WA Māori whānau reunited after being separated by bushfires

By Bronson Perich

A Māori school teacher in Perth has been reunited with his whānau after bushfires separated him from his wife and children.

Fighting back tears, Joseph Te Maihengia White, father of two, spoke with Te Ao about the harrowing ordeal, which started while he was teaching his class.

“I got a text saying that they were going to close all the roads, and that means I wouldn’t be able to get home.

“Home is my wife, my two children, my in-laws and my wife’s grandfather," White says.

After requesting leave from school to rescue his family, White took to the road hoping to beat the fire service blockades that were being set up.

“As I was racing, literally I was going as fast as I can to beat the traffic, I just had visions of losing my family. I didn’t know if I was going to see my family.

“I love my wife, I love my children and I honestly thought I might lose them.”

Before leaving school, White called his wife Pipi, pleading with her to evacuate. By the time she was able to gather the whānau, flames and smoke were quickly approaching their home.

“I said 'Hun you really need to get out of there' and that’s when she’s started panicking because she was saying there was thick smoke. She couldn’t see anything, it was getting quite dangerous.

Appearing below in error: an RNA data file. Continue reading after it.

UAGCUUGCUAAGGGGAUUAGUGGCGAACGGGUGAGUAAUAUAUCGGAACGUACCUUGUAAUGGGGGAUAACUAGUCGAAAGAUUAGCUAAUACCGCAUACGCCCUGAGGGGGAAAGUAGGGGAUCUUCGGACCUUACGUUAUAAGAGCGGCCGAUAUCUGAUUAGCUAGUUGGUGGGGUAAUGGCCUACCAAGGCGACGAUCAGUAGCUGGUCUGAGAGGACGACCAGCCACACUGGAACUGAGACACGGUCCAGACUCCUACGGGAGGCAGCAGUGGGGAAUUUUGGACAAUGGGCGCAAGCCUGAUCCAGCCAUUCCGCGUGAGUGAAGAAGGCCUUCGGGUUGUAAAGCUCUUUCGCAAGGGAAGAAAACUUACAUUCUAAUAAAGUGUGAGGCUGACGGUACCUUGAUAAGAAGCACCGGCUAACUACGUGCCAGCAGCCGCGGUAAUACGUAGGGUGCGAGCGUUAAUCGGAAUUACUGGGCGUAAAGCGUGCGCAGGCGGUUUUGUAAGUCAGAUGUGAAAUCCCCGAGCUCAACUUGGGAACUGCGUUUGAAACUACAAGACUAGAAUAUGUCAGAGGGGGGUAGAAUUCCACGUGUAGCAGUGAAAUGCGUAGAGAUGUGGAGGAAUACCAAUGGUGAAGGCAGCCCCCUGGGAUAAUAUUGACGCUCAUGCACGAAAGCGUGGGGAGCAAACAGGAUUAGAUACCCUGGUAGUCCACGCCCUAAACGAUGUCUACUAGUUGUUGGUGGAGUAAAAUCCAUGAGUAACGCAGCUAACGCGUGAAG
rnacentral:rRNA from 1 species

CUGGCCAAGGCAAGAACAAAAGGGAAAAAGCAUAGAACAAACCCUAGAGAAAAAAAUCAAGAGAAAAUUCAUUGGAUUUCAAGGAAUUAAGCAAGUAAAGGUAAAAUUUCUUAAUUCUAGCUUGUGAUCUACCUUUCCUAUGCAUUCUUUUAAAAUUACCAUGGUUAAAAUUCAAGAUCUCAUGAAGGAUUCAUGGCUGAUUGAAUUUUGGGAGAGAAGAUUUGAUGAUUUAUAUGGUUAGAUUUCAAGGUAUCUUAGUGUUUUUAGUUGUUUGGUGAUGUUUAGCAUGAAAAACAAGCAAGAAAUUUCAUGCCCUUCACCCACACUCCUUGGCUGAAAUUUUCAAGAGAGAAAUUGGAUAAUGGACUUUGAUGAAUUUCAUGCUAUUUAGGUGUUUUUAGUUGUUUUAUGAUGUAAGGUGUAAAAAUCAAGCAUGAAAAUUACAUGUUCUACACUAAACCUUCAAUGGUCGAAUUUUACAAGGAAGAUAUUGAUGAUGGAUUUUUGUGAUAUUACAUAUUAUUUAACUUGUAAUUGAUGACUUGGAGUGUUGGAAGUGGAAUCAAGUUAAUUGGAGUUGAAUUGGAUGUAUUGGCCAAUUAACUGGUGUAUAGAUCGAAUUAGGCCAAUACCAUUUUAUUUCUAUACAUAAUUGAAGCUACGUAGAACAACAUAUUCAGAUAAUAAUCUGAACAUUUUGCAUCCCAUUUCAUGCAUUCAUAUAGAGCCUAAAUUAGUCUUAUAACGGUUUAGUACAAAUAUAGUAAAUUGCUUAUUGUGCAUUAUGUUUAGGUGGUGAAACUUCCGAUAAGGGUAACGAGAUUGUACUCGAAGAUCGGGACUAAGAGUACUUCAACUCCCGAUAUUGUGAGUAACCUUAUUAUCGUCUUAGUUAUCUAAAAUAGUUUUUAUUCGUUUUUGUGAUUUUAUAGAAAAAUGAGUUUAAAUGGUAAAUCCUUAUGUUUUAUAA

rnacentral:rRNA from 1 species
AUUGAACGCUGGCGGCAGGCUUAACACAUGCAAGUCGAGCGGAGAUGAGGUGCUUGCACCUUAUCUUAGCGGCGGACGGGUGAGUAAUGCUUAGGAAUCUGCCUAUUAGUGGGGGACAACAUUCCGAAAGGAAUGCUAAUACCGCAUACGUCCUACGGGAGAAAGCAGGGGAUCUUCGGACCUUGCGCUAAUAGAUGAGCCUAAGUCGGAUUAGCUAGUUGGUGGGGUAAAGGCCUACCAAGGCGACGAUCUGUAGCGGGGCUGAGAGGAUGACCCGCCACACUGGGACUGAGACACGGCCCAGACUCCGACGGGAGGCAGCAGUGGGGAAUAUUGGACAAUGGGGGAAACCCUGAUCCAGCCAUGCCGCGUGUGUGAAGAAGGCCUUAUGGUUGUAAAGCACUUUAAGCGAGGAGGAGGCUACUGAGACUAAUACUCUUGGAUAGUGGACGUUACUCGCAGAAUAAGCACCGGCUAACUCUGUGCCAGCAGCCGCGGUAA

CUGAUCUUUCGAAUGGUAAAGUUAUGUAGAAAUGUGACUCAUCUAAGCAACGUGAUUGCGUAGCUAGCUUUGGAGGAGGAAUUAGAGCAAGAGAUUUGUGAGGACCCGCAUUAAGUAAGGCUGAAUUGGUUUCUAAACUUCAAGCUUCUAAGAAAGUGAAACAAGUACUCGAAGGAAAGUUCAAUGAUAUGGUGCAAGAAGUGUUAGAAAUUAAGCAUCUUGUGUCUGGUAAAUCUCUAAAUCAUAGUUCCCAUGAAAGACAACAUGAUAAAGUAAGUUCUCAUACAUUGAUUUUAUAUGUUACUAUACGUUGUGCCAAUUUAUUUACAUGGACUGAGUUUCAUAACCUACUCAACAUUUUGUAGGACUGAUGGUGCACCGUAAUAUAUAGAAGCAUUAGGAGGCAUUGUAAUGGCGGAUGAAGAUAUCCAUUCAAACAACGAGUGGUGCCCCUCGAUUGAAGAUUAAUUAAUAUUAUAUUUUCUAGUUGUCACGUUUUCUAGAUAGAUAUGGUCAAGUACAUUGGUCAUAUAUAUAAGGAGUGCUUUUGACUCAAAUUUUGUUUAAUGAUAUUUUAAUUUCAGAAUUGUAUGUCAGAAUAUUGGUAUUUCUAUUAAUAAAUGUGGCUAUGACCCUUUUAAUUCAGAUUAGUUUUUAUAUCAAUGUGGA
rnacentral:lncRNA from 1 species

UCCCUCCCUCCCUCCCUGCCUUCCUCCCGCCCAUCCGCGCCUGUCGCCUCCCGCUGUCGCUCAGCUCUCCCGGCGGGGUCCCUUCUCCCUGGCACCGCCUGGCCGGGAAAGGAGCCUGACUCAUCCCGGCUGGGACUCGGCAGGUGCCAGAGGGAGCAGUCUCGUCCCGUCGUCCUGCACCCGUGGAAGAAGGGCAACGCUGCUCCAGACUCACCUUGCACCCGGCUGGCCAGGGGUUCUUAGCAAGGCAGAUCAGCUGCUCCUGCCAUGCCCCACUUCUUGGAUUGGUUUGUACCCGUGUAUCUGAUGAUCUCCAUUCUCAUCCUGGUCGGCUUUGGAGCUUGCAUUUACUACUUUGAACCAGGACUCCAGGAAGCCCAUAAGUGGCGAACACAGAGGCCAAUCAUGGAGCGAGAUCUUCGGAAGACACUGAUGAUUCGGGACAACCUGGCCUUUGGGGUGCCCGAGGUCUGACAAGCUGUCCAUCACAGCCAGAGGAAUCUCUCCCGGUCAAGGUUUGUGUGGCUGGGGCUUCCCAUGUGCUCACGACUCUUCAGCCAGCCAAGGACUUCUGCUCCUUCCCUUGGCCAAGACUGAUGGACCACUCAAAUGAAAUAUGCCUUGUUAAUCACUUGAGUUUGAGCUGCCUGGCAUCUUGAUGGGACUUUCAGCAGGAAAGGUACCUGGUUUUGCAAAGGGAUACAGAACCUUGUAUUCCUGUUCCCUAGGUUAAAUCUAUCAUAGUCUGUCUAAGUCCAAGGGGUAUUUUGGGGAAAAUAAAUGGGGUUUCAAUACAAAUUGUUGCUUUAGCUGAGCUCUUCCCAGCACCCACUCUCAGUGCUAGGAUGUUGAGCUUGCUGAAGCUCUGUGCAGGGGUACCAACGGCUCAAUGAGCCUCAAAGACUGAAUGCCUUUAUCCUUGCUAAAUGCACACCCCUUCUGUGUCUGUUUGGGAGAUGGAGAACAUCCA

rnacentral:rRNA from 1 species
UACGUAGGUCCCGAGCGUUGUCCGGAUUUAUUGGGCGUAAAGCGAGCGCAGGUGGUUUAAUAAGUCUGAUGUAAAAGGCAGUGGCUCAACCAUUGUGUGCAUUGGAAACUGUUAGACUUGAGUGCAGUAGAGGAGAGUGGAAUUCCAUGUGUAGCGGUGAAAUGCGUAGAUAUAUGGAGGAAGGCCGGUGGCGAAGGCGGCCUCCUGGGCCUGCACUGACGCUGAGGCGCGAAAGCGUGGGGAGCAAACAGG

“I’ll be honest, I was in tears. I was pleading with my wife, 'please get out of there hun.'” 

Pipi White was able to evacuate the whānau safely and head north out of harm's way. The couple were still separated but remained in constant communication.

“We were constantly texting each other, calling each other, checking out the websites, figuring out what was going on," White says.

He then advised his wife to head south as soon as possible to avoid further blockades that the fire service were setting up.

Piki Thomas from NZ Fire Services says, "To my knowledge, the situation is not improving in the majority of Australia. So I encourage people to adhere to the instructions and laws of the country.

"In the new year, we will send what I believe is our seventh firefighting team to the eastern parts of Australia to render assistance," he says.

After being separated for a day, White and his family were finally reunited. They stayed with whānau and friends while infrastructure damaged by the fires was being restored. They were given the all-clear to return home a week later.

White says he spoke to Te Ao because he wanted to express his gratitude to the fire service.

“I’m just grateful for my opportunity to show my love and aroha for the firefighters because they’ve done so much.”

Without them he says, “I wouldn’t have my family.”